Management

Delivering hope

JMU Supply Chain Club helps distribute medical supplies to African hospitals


by Stephen Briggs

 
Bill Ritchie & the JMU Supply Chain Club Congo Medical Relief Project

SUMMARY: The JMU Supply Chain Club donates medical supplies to under-equipped African hospitals. Members of the club worked together with local donors to gather and ship two 40-foot containers filled with necessary medical supplies.


Achieving a goal is always cause for pride in a job well done, especially one that involves a global humanitarian effort. But meeting that goal and surpassing it by 100%? That’s how Dukes do it.

The JMU Supply Chain Club team and its adviser, professor of management Bill Ritchie, recently loaded the second of two 40-foot containers filled with medical supplies destined for Africa. Along with Dr. Mark Smith, executive director of the local nonprofit Mihret Medical Supply Group, the group was finishing up a humanitarian project a year in the making, initially called the Congo Ebola Medical Relief project.

In Fall 2019, the JMU Supply Chain Club (officially the Association of Supply Chain Management, Shenandoah Chapter, formerly APICS) leadership team met with Smith and developed the goal to source, store and ship medical equipment and supplies to African hospitals dealing with the Ebola crisis. At the time, the team hoped to find enough supplies to fill one 40-foot shipping container.

Since a vital element for supply chains is warehousing, the group started by approaching Matchbox Realty, which donated space to warehouse the supplies. Five months later, the students began filling a new, larger space provided by Interchange Group, with growing donations from Sentara RMH Medical Center in Harrisonburg, and Carilion Clinic in Roanoke, Virginia.

As the COVID-19 pandemic began, international borders in some African countries were shut down and warehouse security increased, causing concern about the viability of meeting the project’s goals. The logistics of the stateside effort changed as well.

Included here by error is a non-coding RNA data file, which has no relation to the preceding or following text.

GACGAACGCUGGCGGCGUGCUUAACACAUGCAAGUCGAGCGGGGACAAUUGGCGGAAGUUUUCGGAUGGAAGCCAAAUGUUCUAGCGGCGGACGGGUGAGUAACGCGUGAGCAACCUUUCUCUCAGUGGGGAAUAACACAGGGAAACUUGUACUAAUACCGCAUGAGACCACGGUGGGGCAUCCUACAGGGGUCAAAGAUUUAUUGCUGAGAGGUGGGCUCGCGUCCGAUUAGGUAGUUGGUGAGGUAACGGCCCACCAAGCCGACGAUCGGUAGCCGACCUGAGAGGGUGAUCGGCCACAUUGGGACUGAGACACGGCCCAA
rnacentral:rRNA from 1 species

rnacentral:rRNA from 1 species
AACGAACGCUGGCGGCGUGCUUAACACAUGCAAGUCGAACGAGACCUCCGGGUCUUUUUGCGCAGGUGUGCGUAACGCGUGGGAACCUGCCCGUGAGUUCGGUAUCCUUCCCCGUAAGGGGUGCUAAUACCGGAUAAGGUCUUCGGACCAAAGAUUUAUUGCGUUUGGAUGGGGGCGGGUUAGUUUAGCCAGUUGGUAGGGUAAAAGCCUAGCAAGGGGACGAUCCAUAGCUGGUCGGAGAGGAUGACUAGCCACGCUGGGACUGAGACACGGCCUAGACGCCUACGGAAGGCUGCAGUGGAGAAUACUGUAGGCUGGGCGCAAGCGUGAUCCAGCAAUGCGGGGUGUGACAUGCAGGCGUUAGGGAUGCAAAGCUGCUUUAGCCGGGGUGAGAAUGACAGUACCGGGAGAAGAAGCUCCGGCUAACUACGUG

“Our network of management was initially face to face,” Ritchie said. “We could meet and talk about detail, but all of a sudden we were working remotely. We might as well have been in different countries. We had to consider safety.”

During this time, however, Smith identified additional medical equipment needs in Ethiopia and added that country to the project’s original goals.

In early August 2020, club members Bhumik Shah and Jess Lewis, along with Ritchie and Smith, loaded the first of the 40-foot containers with supplies, and within a week it was on its way to the port at Djibouti and ultimately inland to Ethiopia. The second full container was sent to the Democratic Republic of the Congo.

Mihret executive board member Dr. Tilahun Goshu, an Ethiopian national who is affiliated with the Ethiopian hospitals, was on hand to help identify critical equipment needed for the shipment.

“African health systems, especially in Ethiopia, are under-equipped. Many people are deprived of optimal health care services, and as a result, millions do not have access to health care,” Goshu said. “The Mihret and JMU Supply Chain partnership is essential for introducing, distributing and maintaining technical solutions and providing an extended economic improvement network in Ethiopia. This partnership can tackle poor practice in supply, transforming the substandard health service and positively affecting its health outcomes.”

From a student perspective, Lewis was enthusiastic about the venture, saying, “Our project with Mihret Medical is a great experience for the members of our club. It provides the opportunity to learn about supply chain operations while giving back to people in need.”

Ritchie is pleased with the real-world experience the student team has acquired in this new venture as well as new content for his teaching. He is working with Geollect, a British geospatial intelligence company co-founded by Cate Gwilliam (’03), who donated programming time to create an app to track the cargo vessels and incorporate the information in his supply chain GIS lessons. Ritchie also wrote a simulation for exporting to use in class that uses Geollect data to teach students how vessels are tracked using satellites, and walks them through the export documentation needed for the items to move internationally.

The JMU Supply Chain Club will continue the project in future semesters, and the learning opportunities won’t end there. “My dream for this project is that it becomes [an] ongoing long-term effort that will yield significant returns for our JMU students and the broader community,” Ritchie said.

In fact, JMU has allocated 1,000 square feet of storage space for soft supplies inventory. From there, students will do inventory and repack goods, then send them to the main warehouse to be loaded into containers. Ritchie’s hope is that through donations and investment, the group won’t have to rely on the goodwill of Interchange Group’s donated space.

Word of the project even reached Ethiopian ambassador to the United States, Fitsum Arega, who traveled to Harrisonburg in December 2020 to see firsthand the quality and types of supplies available. As a result of the meeting, the team received a request for two more containers for Ethiopia, and plans to deliver them in Spring 2021.

 

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Published: Friday, August 28, 2020

Last Updated: Thursday, May 6, 2021

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